Part V: Exploring your pain threshold 

On November 1st 2016, the night before I was booked in for the urology operation, I had the honour to join the London Air Ambulance team at a very special event. It was hosted by Mr. Boris Johnson at the Houses of Parliament, with 50 other MPs and more importantly, 25 fellow ex. patients, paramedics, doctors, pilots and the wonderful events team. I got to meet in person and speak to people who, like myself, had their lives change in one unlucky moment but who are still alive thanks to these flying angels and who are willing to share their experience with the public and to raise awareness for the amazing work done by the charity. Some were in wheelchairs, some were using crutches and some have a prosthetic leg or an arm. I had to wear a suit, which in itself was a challenge and I had to travel on my own by public transport…just me and my walking stick…used for support and also as a safety measure, allowing people to notice my temporary disability (and even have a seat on the train with some luck).

A couple of days before that, Yael and I were invited to the LAA office in central London, to do a talk with their office staff; the good folks who take care of sponsorships, finance, marketing, volunteering and events and who rarely get to meet patients in person and to hear their experiences.

We talked about the accident and our individual as well mutual experience on the day and during the months that followed it. This was quite emotional for both of us and at the same time very satisfying…we both felt that this was just one way to show our appreciation and gratitude.

Just a few days ago, on March 22nd, we all witnessed the horror brought on by the cowardly terrorist attack in Westminster and saw how quickly the Air Ambulance team arrived at the scene and helped the wounded.

We went into UCL hospital on Nov’ 2nd 2016, prepared for a relatively simple procedure and a few days stay…sadly, the procedure had turned out to be a little more complicated than planned and after a week in bed with a lot of pain, more bleeding and some other complications, we realised that this was going to be yet another testing experience…for me but even more so for my family.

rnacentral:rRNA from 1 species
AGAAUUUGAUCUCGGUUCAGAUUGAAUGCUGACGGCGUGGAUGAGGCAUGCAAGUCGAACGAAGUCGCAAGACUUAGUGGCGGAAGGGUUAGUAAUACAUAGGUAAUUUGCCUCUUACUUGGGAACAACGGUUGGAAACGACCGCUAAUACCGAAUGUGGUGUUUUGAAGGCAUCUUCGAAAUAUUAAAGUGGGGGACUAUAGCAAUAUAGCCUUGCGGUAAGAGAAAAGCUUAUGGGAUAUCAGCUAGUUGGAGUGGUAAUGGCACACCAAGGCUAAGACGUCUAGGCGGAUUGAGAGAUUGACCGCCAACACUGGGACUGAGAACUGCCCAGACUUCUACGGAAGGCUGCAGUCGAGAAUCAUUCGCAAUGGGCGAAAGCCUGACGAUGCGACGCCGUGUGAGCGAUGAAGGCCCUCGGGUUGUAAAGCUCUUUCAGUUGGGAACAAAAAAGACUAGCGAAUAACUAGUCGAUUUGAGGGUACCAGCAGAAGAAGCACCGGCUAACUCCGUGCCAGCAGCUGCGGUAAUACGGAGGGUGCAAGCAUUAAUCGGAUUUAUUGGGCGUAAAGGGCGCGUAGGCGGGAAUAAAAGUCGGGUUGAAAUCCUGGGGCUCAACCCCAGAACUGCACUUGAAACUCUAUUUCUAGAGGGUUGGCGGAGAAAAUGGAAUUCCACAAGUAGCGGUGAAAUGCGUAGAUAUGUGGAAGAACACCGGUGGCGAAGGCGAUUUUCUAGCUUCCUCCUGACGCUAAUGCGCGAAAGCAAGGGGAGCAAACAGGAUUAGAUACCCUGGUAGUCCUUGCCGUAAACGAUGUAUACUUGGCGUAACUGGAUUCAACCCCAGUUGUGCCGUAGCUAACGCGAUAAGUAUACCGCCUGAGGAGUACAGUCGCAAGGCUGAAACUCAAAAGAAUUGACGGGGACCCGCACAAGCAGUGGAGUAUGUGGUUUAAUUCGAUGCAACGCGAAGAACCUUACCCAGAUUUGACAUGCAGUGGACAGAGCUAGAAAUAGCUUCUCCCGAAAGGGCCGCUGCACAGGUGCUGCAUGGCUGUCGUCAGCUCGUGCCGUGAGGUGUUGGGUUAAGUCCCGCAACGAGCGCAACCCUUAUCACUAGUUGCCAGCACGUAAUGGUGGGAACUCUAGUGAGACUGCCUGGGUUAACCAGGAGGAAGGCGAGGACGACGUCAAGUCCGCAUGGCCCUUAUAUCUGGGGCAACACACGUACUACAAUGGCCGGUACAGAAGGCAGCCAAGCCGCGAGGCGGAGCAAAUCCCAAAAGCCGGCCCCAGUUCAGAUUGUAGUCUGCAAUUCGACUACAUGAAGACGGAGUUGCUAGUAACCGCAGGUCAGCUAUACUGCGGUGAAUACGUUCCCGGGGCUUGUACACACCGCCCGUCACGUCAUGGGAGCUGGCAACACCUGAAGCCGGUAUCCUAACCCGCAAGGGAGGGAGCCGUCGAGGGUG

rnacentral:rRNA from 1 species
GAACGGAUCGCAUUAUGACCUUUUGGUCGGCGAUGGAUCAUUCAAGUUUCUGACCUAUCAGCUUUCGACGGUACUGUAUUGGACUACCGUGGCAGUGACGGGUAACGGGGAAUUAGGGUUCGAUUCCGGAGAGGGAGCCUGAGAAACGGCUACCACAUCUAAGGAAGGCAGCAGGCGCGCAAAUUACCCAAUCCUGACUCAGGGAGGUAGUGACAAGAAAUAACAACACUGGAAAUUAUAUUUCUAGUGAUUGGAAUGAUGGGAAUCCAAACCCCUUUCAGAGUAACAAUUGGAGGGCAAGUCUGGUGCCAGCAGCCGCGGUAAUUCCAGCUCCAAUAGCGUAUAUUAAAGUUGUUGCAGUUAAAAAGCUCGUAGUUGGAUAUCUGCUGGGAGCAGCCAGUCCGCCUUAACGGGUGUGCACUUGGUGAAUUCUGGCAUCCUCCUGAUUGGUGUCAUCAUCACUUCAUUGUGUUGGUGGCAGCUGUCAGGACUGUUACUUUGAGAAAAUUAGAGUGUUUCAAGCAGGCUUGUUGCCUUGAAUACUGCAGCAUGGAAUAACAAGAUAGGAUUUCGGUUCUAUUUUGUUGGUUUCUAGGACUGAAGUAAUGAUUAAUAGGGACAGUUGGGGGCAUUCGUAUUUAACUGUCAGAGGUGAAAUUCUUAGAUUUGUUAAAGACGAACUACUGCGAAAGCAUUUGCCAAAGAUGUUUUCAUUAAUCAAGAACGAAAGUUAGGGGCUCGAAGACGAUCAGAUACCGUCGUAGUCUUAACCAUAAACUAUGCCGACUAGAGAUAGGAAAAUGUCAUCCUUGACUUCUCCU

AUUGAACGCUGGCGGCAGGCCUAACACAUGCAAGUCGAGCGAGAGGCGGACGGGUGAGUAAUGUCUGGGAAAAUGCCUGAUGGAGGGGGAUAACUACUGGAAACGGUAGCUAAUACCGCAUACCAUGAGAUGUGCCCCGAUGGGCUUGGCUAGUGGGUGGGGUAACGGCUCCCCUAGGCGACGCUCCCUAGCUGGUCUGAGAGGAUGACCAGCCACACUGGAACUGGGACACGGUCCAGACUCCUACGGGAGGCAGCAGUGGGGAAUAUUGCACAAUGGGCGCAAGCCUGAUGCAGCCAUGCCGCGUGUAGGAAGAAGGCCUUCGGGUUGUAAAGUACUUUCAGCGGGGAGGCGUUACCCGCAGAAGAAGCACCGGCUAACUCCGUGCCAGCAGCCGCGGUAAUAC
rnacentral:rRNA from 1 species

Walking and sitting were pretty much impossible, and as I once again had two catheters fitted, the dreadful blood clots and blockages came back (those were described in the first chapter of the story)…I can say that that month was actually worse than the previous times in hospital…more pain, blood loss, 3 blood transfusions, drugs, weight loss…and that horrible sense of despair…

We finally left the hospital at the end of November, I left 7kg there that I shed during that month and I also left the two catheters behind!!! Free at last!!!

The hole in my tummy had taken a several days to heal and to close down…imagine having to change dressings every hour or two and waking up at night, lying in a puddle of your own urine…At one point I bought it was never going to close!

They’ve replenished the stock of hardcore pain killers and equipped us with a morphine weaning plan that lasted 2 weeks. I was anxious to gain back my mobility and freedom to walk outside free of tubes and bags. I also wanted to drive again and to see if I can reduce, or maybe even give up all these medications.